ORIGINAL RESEARCH article
Environmental and Biological Factors Influencing Dispersal of Neonate Leatherback Turtles (Dermochelys coriacea) From an Endangered Costa Rican Nesting Population
- 1Chesapeake Biological Laboratory, University of Maryland Center for Environmental Science, Solomons, MD, United States
- 2Department of Biology, University of Maryland, College Park, College Park, MD, United States
- 3Upwell Turtles, Monterey, CA, United States
- 4School of Biological Sciences, Monash University, Clayton, VIC, Australia
- 5Horn Point Laboratory, University of Maryland Center for Environmental Science (UMCES), Cambridge, MD, United States
Quantifying early life movements is essential to understanding migratory pathways and habitat use that can impact individuals’ success later in life. To gauge how neonatal movements set the stage for later habitat use, we tracked neonate leatherback turtles (n = 94) with acoustic tags from Pacuare, Costa Rica, in 2016 and 2018. We analyzed movements using a first passage time analysis and random walk models, the results of which indicated neonates followed a fixed compass direction as they traveled away from shore and that strong currents in these areas resulted in advection. We combined the tracking data with concurrent environmental variables in a generalized additive mixed model framework. Our results showed the south-east current flow in this area has spatial and temporal structure consistent with large-scale geostrophic currents and not tidal current or local wind speed influences. After accounting for advection by currents, true neonate swimming speed was significantly related to current speed, first passage time, and the year. Neonates had three main response strategies to currents above 0.5 m s–1, with most increasing their swimming speed and the rest maintaining either a constant or decreased swimming speed. Neonates were significantly larger in 2018 than in 2016 but their average swimming speed was not significantly related to body size, indicating that environmental factors were more important contributors to their dispersal. We conclude that abiotic factors, including the strength and direction of the currents, significantly affect the swimming and dispersal strategy of neonate leatherback turtles and these results can help to inform strategies for releases of neonate turtles from hatcheries, future tracking studies, and conservation efforts.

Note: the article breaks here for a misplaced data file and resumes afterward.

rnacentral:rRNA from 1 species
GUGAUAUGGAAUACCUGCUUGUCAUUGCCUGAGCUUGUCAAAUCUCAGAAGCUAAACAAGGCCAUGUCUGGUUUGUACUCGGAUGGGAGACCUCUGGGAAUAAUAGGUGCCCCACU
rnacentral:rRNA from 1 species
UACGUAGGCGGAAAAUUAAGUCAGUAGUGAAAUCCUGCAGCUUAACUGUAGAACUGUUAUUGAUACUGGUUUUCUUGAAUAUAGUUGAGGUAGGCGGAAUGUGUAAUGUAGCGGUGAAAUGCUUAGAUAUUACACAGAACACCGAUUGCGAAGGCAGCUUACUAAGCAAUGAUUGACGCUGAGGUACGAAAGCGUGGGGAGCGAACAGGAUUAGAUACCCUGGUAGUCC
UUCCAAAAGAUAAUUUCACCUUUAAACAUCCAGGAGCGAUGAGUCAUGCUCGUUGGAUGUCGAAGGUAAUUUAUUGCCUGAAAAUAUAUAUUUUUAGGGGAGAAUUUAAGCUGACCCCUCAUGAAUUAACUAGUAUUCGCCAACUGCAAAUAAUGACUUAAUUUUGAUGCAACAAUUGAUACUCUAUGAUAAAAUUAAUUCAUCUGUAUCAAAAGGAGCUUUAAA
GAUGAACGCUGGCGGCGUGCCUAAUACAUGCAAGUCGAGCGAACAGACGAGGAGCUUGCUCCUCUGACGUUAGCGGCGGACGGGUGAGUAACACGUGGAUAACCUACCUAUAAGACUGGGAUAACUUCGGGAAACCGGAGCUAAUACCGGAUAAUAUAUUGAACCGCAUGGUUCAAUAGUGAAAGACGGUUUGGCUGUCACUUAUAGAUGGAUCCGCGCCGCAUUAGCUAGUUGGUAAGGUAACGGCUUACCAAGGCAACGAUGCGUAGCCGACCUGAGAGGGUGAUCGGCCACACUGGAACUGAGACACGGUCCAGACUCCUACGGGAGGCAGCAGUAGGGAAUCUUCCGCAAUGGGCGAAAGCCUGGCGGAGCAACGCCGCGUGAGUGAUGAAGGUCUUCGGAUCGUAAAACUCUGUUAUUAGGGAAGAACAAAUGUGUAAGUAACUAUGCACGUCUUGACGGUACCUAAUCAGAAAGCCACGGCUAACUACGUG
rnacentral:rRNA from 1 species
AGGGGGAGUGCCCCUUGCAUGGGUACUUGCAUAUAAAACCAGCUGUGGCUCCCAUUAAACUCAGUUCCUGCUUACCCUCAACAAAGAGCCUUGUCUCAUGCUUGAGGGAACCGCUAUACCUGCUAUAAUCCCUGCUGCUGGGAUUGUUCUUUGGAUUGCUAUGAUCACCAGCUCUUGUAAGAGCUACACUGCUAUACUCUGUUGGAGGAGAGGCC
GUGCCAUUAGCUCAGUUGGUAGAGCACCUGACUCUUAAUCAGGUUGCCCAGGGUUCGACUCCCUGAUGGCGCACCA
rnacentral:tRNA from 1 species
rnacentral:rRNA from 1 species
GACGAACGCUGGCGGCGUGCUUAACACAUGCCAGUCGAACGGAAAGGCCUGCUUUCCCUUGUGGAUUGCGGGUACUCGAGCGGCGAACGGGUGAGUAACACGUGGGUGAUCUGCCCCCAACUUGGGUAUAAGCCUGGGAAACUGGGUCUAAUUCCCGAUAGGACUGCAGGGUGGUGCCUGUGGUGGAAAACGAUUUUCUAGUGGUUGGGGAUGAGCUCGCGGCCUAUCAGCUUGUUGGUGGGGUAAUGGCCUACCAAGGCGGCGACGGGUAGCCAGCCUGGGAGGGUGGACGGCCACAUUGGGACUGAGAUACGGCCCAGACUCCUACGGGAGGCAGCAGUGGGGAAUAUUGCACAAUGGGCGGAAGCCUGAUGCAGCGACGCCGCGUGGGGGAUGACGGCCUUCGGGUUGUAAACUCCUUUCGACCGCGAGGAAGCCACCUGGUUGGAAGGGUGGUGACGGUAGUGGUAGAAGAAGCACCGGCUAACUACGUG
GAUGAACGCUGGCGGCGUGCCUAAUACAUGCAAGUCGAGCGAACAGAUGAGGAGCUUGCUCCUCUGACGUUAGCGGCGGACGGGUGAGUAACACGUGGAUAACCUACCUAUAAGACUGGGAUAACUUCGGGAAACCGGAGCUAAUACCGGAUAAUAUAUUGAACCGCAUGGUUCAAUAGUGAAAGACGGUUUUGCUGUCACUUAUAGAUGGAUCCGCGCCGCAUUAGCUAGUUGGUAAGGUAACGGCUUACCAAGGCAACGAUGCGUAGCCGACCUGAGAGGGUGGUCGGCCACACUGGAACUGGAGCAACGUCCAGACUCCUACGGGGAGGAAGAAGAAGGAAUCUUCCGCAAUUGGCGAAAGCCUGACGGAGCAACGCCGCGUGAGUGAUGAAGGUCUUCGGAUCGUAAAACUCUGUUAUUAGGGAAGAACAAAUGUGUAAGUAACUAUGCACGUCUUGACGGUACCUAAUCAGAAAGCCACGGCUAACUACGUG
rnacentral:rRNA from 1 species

Advancements in biotelemetry have helped bridge the gap between animals’ fine and broad-scale movement patterns, opening up new opportunities for the movement ecology of different life stages to be quantified and understood (Nathan et al., 2008). Biotelemetric monitoring is especially important for understanding individuals’ movements in settings where direct observations are complicated or obscured, such as the marine environment. However, the need to attach biotelemetric instruments either directly to, or in, an organism has created limitations for studying the movements of young life stages, which may experience larger tag-to-body size ratios and higher natural mortality rates (Hazen et al., 2012a; Shillinger et al., 2012a). Although satellite tags have become progressively smaller in size and capable of attachment to the larger juvenile life stages for animals such as birds, sharks, sea turtles, and marine mammals (Kjellén et al., 2001; Vincent et al., 2002; Hsu et al., 2007; Weng et al., 2007; Mansfield et al., 2014), their application on the much smaller, dispersing neonate phase is limited. Tagging of this vulnerable life stage has most often been applied to the fledgling stage in birds (Hake et al., 2001; Hake et al., 2003; Kooyman and Ponganis, 2007; Cadahía et al., 2010; Péron and Grémillet, 2013; Vega et al., 2016). This leaves a knowledge gap for many other migratory species, wherein the links between neonate fine-scale distribution and adult long-term movement paths remain unknown (Hays et al., 2010). Characterizing this early life stage is important, as the movement and behavioral responses of neonates to different environmental conditions could potentially have carryover effects on the distribution, energetics, or survival of later life stages (O’Connor et al., 2014).